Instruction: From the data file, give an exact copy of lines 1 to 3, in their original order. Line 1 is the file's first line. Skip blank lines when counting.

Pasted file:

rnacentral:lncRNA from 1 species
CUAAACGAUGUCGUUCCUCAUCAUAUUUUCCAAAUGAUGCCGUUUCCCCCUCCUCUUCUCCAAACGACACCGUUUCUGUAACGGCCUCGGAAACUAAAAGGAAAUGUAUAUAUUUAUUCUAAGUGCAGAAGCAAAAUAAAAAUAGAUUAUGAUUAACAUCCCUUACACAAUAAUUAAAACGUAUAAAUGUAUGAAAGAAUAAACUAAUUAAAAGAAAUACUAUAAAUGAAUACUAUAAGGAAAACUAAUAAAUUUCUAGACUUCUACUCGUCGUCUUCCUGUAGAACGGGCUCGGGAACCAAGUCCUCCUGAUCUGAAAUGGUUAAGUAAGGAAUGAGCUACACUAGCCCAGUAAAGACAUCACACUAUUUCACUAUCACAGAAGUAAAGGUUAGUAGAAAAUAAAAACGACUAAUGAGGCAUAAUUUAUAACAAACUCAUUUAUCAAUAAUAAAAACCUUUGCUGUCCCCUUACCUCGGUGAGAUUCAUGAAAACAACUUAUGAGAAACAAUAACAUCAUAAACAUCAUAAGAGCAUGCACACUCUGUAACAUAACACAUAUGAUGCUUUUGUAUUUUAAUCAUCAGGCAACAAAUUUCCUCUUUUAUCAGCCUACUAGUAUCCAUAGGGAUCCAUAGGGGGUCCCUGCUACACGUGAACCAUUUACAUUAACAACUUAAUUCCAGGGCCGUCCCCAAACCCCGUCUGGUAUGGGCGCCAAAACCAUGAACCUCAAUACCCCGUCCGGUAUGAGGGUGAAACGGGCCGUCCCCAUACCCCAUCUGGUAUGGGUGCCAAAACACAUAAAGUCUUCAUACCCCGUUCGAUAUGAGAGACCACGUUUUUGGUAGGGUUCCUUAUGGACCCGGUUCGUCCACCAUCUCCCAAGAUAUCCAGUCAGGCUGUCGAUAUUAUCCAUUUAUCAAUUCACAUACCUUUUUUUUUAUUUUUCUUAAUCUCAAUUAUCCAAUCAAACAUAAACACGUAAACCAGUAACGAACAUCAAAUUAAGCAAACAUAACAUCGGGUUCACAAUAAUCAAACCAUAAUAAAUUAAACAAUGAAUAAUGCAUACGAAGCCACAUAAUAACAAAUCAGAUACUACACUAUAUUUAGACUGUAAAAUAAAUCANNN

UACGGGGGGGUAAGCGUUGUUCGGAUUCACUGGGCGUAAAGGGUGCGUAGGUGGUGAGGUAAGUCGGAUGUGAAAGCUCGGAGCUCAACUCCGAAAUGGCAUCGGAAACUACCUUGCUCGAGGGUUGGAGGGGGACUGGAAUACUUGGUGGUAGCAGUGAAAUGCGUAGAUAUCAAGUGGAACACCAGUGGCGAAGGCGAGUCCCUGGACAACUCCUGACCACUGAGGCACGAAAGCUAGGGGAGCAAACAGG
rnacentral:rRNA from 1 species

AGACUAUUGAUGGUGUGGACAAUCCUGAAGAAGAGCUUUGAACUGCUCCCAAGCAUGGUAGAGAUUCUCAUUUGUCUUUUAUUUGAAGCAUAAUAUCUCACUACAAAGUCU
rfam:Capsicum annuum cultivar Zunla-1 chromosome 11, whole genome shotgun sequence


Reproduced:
rnacentral:lncRNA from 1 species
CUAAACGAUGUCGUUCCUCAUCAUAUUUUCCAAAUGAUGCCGUUUCCCCCUCCUCUUCUCCAAACGACACCGUUUCUGUAACGGCCUCGGAAACUAAAAGGAAAUGUAUAUAUUUAUUCUAAGUGCAGAAGCAAAAUAAAAAUAGAUUAUGAUUAACAUCCCUUACACAAUAAUUAAAACGUAUAAAUGUAUGAAAGAAUAAACUAAUUAAAAGAAAUACUAUAAAUGAAUACUAUAAGGAAAACUAAUAAAUUUCUAGACUUCUACUCGUCGUCUUCCUGUAGAACGGGCUCGGGAACCAAGUCCUCCUGAUCUGAAAUGGUUAAGUAAGGAAUGAGCUACACUAGCCCAGUAAAGACAUCACACUAUUUCACUAUCACAGAAGUAAAGGUUAGUAGAAAAUAAAAACGACUAAUGAGGCAUAAUUUAUAACAAACUCAUUUAUCAAUAAUAAAAACCUUUGCUGUCCCCUUACCUCGGUGAGAUUCAUGAAAACAACUUAUGAGAAACAAUAACAUCAUAAACAUCAUAAGAGCAUGCACACUCUGUAACAUAACACAUAUGAUGCUUUUGUAUUUUAAUCAUCAGGCAACAAAUUUCCUCUUUUAUCAGCCUACUAGUAUCCAUAGGGAUCCAUAGGGGGUCCCUGCUACACGUGAACCAUUUACAUUAACAACUUAAUUCCAGGGCCGUCCCCAAACCCCGUCUGGUAUGGGCGCCAAAACCAUGAACCUCAAUACCCCGUCCGGUAUGAGGGUGAAACGGGCCGUCCCCAUACCCCAUCUGGUAUGGGUGCCAAAACACAUAAAGUCUUCAUACCCCGUUCGAUAUGAGAGACCACGUUUUUGGUAGGGUUCCUUAUGGACCCGGUUCGUCCACCAUCUCCCAAGAUAUCCAGUCAGGCUGUCGAUAUUAUCCAUUUAUCAAUUCACAUACCUUUUUUUUUAUUUUUCUUAAUCUCAAUUAUCCAAUCAAACAUAAACACGUAAACCAGUAACGAACAUCAAAUUAAGCAAACAUAACAUCGGGUUCACAAUAAUCAAACCAUAAUAAAUUAAACAAUGAAUAAUGCAUACGAAGCCACAUAAUAACAAAUCAGAUACUACACUAUAUUUAGACUGUAAAAUAAAUCANNN

UACGGGGGGGUAAGCGUUGUUCGGAUUCACUGGGCGUAAAGGGUGCGUAGGUGGUGAGGUAAGUCGGAUGUGAAAGCUCGGAGCUCAACUCCGAAAUGGCAUCGGAAACUACCUUGCUCGAGGGUUGGAGGGGGACUGGAAUACUUGGUGGUAGCAGUGAAAUGCGUAGAUAUCAAGUGGAACACCAGUGGCGAAGGCGAGUCCCUGGACAACUCCUGACCACUGAGGCACGAAAGCUAGGGGAGCAAACAGG